Lawmakers vote to lift price caps on telephone service
Associated Press Writer
A key Senate panel voted Friday for a pair of proposals being pushed by the state’s largest telephone and cable companies.
One proposal, SB518, would allow the state’s largest telephone companies, Embarq and AT&T Nevada, to charge any rate for basic telephone service starting in 2012. Currently, those companies are obligated to provide basic phone service to all subscribers in their territory at a state-mandated rate, currently $10.40 per month.
The companies argued that wireless telephones and high-speed Internet have made the telecommunications industry highly competitive, and the state’s existing regulations prevent them from quickly bringing new services to market.
The rate cap laws were designed in an era when phone companies were considered monopolies with no competition, said Embarq general manager Kristin McMillan.
After negotiations with the state consumer advocate, the companies agreed to amendments that delayed dropping the rate caps until 2012. The original bill dropped them in mid-2008. The companies also agreed to extend the Lifeline low-income telephone service to a wider range of consumers.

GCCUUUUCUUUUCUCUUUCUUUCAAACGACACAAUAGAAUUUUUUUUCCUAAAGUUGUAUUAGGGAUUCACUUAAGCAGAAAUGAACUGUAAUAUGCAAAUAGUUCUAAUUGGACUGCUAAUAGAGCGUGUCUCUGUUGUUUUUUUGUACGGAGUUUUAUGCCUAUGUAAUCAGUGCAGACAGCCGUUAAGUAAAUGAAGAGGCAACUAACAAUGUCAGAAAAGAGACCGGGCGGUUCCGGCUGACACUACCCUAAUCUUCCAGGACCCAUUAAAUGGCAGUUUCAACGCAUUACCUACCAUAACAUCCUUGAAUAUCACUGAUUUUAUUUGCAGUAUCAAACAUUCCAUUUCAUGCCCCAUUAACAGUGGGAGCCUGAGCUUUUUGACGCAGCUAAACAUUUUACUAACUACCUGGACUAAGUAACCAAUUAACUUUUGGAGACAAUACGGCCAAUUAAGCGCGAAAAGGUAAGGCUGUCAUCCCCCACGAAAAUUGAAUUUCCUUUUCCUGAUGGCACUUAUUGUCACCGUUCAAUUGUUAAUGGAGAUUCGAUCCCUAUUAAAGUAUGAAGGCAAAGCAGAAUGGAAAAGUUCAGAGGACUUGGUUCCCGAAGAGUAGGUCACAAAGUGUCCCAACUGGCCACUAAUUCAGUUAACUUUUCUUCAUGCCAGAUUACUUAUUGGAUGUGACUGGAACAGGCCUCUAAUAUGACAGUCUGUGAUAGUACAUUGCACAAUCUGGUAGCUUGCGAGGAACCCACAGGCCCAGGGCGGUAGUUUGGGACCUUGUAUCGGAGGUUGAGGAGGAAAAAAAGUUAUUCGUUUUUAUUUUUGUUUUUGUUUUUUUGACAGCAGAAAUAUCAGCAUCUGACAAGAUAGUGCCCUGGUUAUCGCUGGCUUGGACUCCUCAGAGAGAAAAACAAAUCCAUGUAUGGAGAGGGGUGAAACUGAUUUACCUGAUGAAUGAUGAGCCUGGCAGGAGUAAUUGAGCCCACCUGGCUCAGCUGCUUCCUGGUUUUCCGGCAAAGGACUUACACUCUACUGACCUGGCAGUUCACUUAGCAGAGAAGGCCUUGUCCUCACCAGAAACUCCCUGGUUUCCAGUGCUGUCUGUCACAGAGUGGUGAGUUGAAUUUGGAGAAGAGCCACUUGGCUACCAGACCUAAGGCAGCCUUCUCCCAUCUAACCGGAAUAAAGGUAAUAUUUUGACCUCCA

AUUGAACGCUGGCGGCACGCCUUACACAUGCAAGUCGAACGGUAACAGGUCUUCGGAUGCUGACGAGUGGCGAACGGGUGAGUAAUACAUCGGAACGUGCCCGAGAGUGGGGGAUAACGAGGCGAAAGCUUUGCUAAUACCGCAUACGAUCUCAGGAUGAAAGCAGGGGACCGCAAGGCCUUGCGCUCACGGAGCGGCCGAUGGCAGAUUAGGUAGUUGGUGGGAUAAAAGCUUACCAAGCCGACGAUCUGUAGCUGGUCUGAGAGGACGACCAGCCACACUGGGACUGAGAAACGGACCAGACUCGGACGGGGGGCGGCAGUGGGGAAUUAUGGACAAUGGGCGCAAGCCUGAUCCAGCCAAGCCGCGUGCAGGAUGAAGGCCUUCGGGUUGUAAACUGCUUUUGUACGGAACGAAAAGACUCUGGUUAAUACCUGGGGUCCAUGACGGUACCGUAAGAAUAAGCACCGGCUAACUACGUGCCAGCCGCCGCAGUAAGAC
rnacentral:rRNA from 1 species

In 2010, the consumer advocate will submit a report on the state of Nevada’s telecommunications marketplace.
The committee also voted 3-2 to pass SB526, which would allow cable companies to negotiate their franchise agreements with the secretary of state’s office, rather than local governments.
The bill would pre-empt most local regulation of cable companies, but local governments would still be able to control their rights of way and collect franchise fees.
Sen. Mike Schneider, D-Las Vegas, said he opposed the bill because it could interfere with some private developers who contract for their own cable service.
Both bill were passed unanimously by the Assembly, and now need approval from the entire Senate before going on to Gov. Jim Gibbons for his signature.